Spell Songs II : Let The Light In. Thirty Tigers


Originally gathered  to offer their musical take on some of Jackie Morris and Robert Macfarlane’s musings on our ever changing language in their book, The Lost Words: A Spell Book, Spell Songs have reconvened in order to convey their musical musings on the pair’s latest book, The Lost Spells. The collective (Karine Polwart, Julie Fowlis, Seckou Keita, Kris Drever, Rachel Newton,  Beth Porter and Jim Molyneux) were highly acclaimed on their first release and Let The Light In looks set to gain yet more accolades as its, ahem, spellbinding songs and performance look to gather pace with a series of live shows set to follow on from the album release.

The 15 songs here tap into current concerns re the environment and dovetail into a back to nature movement which has traditionally been associated with folk music and various campaigns against the destruction of our habitat. Each song celebrates creatures and plants which have long been a part of our diversified flora and fauna, many of them now endangered. While the album is solidly folk tradition at its roots, the players utilise studio to add layers of sound and effects, culminating in an album which is quite astounding to listen to. It’s both ancient and modern, it traverses borders and summons earth spirits throughout. The ensemble are electrifying at times as when they weld Afro and Celtic music on Jay, a magnificent song with Seckou Keita engaging in call and response with the massed female singers. Kris Drever’s Red Is Your Art darts and dips like a murmuration of starlings and, likewise, Swifts, a vocal duet from Drever and Rachel Newton gambols along quite merrily. The sinewy Oak, again featuring Drever, is rooted within a deep tradition of folk songs saluting the power of nature and the turn of the seasons.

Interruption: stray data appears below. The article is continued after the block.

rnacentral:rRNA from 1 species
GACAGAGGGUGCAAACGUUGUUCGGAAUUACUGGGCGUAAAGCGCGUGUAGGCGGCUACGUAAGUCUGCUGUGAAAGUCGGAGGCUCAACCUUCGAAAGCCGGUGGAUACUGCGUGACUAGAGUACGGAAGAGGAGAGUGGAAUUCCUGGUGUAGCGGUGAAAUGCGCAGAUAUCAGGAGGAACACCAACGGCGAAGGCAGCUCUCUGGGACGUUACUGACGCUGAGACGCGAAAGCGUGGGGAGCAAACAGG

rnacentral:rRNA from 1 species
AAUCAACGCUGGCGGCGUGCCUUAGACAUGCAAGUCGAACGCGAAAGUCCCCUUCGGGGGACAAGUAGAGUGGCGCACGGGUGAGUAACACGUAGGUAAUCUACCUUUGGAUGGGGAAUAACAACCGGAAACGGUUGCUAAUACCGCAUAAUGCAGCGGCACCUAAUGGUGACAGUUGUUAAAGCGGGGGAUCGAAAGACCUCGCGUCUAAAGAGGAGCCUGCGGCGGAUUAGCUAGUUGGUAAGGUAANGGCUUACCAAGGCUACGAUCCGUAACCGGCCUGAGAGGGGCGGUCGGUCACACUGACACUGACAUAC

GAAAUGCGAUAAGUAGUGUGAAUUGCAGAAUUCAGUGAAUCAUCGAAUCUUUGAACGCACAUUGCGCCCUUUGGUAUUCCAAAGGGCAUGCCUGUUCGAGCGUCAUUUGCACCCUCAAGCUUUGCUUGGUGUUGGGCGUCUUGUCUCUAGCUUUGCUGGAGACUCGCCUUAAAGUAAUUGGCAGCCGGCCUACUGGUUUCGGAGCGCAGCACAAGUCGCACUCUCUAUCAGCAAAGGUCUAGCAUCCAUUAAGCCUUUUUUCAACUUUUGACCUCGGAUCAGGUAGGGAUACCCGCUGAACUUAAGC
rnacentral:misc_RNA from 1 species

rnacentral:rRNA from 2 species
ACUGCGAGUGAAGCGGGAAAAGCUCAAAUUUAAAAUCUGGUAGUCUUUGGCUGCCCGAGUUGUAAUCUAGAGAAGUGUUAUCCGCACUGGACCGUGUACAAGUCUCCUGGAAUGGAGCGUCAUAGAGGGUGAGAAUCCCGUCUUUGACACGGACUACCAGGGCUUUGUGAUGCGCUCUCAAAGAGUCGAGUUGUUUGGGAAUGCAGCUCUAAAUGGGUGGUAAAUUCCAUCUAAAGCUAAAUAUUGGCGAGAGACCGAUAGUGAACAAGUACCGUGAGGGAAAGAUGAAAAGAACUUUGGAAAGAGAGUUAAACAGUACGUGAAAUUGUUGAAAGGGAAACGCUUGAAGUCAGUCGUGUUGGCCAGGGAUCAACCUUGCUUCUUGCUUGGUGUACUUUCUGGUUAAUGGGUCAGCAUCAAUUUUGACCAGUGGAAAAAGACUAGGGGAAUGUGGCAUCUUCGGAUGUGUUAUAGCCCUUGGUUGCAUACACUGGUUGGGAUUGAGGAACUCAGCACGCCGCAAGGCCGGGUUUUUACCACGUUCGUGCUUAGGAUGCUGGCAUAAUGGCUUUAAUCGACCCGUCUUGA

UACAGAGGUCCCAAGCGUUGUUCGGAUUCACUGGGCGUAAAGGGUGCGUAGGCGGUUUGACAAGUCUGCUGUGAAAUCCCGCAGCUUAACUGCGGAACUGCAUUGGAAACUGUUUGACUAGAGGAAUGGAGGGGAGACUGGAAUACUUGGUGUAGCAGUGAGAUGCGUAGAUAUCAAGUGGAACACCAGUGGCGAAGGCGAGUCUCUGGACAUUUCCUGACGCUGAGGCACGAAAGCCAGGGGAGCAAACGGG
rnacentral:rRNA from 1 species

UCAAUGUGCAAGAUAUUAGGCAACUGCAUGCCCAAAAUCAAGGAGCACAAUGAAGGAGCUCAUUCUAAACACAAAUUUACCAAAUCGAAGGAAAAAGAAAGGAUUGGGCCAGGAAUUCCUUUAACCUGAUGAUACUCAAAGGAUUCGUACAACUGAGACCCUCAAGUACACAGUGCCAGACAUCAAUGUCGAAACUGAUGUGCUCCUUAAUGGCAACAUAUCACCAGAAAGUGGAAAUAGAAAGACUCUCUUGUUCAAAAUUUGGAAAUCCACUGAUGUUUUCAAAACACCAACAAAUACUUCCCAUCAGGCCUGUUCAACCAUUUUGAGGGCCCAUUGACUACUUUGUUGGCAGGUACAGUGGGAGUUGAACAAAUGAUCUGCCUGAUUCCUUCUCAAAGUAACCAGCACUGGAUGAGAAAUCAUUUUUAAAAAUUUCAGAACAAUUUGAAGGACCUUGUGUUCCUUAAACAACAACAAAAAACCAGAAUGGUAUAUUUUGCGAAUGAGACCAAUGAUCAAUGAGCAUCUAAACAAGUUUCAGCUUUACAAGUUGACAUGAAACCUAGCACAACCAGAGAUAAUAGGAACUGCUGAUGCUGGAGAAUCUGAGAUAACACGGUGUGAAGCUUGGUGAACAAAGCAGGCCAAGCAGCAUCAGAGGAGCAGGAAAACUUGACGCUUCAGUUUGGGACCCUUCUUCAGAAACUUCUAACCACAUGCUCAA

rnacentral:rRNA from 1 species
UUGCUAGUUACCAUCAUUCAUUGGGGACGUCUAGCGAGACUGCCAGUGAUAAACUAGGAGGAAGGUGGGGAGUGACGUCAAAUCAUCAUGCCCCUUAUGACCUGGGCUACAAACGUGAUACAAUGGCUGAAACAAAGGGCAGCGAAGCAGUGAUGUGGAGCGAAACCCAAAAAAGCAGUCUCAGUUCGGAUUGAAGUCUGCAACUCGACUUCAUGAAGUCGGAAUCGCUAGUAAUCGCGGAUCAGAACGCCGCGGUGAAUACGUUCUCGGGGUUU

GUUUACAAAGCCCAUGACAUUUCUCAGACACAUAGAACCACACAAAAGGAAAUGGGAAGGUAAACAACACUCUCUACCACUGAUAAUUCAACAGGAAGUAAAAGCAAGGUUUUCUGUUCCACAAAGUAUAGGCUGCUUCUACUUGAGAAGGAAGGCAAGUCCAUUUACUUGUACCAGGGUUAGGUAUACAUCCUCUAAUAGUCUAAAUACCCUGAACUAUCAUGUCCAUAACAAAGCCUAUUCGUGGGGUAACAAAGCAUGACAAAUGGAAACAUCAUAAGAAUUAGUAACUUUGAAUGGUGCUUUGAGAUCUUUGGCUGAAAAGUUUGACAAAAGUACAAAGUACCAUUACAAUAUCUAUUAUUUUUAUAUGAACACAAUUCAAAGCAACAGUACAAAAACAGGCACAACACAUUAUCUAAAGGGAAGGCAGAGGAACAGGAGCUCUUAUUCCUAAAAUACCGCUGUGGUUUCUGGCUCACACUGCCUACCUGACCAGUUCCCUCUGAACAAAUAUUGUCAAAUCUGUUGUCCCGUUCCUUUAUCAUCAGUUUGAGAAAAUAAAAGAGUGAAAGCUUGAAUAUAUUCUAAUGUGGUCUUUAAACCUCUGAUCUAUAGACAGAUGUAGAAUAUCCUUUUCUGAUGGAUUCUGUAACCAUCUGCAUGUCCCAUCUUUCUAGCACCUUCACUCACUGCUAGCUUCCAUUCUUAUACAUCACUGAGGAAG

Karine Polwart’s Bramble is cloaked in mystery and wonder, its woody timbre and martial drums enlivened by snippets of voice which are almost cartoonish in nature. As the band nimbly flutter and caress the song, it flows gently into Julie Fowlis’ St. Kilda Wren, sung in Gaelic and invoking ancient spirits. Beth Porter’s Gorse is a quite magical and fantastical voyage into a speckled wonderland – frosty and childlike, it transports the listener into memories of shadow land fairy tales. With Polwart singing supremely on the tip-toed delight of Moth and Fowlis delivering yet another wintry tale on Silver Birch, another song cloaked in wonder and mystery, Spell Songs have certainly delivered a spell binding and enchanting listen.


Leave a Reply

Fill in your details below or click an icon to log in:

WordPress.com Logo

You are commenting using your WordPress.com account. Log Out /  Change )

Twitter picture

You are commenting using your Twitter account. Log Out /  Change )

Facebook photo

You are commenting using your Facebook account. Log Out /  Change )

Connecting to %s